Muscle is Progression

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“We just laughed because we knew they were wrong.”

Abbye “Pudgy” Stockton

Activities: Gymnastics, Weight and Olympic lifting, Physique competitor

Those familiar with female bodybuilding, when asked to name forerunners of the sport, name women like Rachel McLish, Kike Elomaa, Carla Dunlap, and Corey Everson. These women come to mind for many, because when Joe Weider, founder of the  Mr. Olympia, one of, if not, the biggest bodybuilding competition known to date, created a female division in 1980, each one of these ladies held the title of Miss Olympia at one point throughout the first decade. For many, the Miss (Ms. today) Olympia was the first official competition to really put female bodybuilding on the map. What most fail to realize is before there was a Miss Olympia, there was a strong-woman competition and before McLish, Elomaa, Dunlap and Everson, there was Abbye “Pudgy” Stockton, a professional strong-woman and true pioneer for female bodybuilding.

Born on August 11, 1917, Abbye Eville spent her formative years in Santa Monica, CA. Acquiring the nickname Pudgy as a child, it stuck with her even though she was only 5’2 and 115 pounds. She met Les Stockton her senior year of high school and they were married in 1941.

Abbye and Les would spend hours at Muscle Beach practicing acrobatics and gymnastics. One move in particular that caught the attention of the media was a hand to hand, handstand they would perform. This launched her career because she would support Les (180 lbs) over her head in the stunt, and a woman strong enough to support a man in this acrobatic feat was unheard of at that time. She quickly became featured on newsreels and in magazines. Vitamin and camera companies used her in ads and by the end of the 40’s, it was estimated she had appeared on the cover of approximately 42 magazine covers.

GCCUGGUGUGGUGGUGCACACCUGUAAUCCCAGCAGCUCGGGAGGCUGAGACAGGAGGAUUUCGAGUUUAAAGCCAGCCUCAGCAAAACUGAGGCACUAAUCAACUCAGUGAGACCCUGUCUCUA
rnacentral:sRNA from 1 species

In 1944, Abbye began writing a regular column for the most influential fitness magazine in the world, Strength and Health. The column, “Barbells” focused on women’s training and her constant voice in a male dominated world, enabled her to help organize the first sanctioned female weightlifting competition. The Amateur Athletic Union held the first contest on February 28, 1947 in Los Angeles, CA. During the contest, Abbye pressed 100 lbs, snatched 105 lbs and clean and jerked 135 lbs.

Although Abbye opened many doors for women in the world of weightlifting and physique competitions, she only held one title during her career due to the fact that physique competitions for women were non existent. In 1948, she was named Miss Physical Culture Venus and in 2000, she was inducted into the IFBB (International Federation of Bodybuilding and Fitness) Hall of Fame.

The progression of females in physique competitions today can be contributed to Abbye “Pudgy” Stockton and women who came before her that didn’t stop when told exercise, weightlifting, and sports would ruin them, and make them less feminine. Abbye’s most famous quote in regard to women and exercise is as follows, “people use to say that if women worked out, they would become masculine-looking or wouldn’t be able to get pregnant. We just laughed because we knew they were wrong.”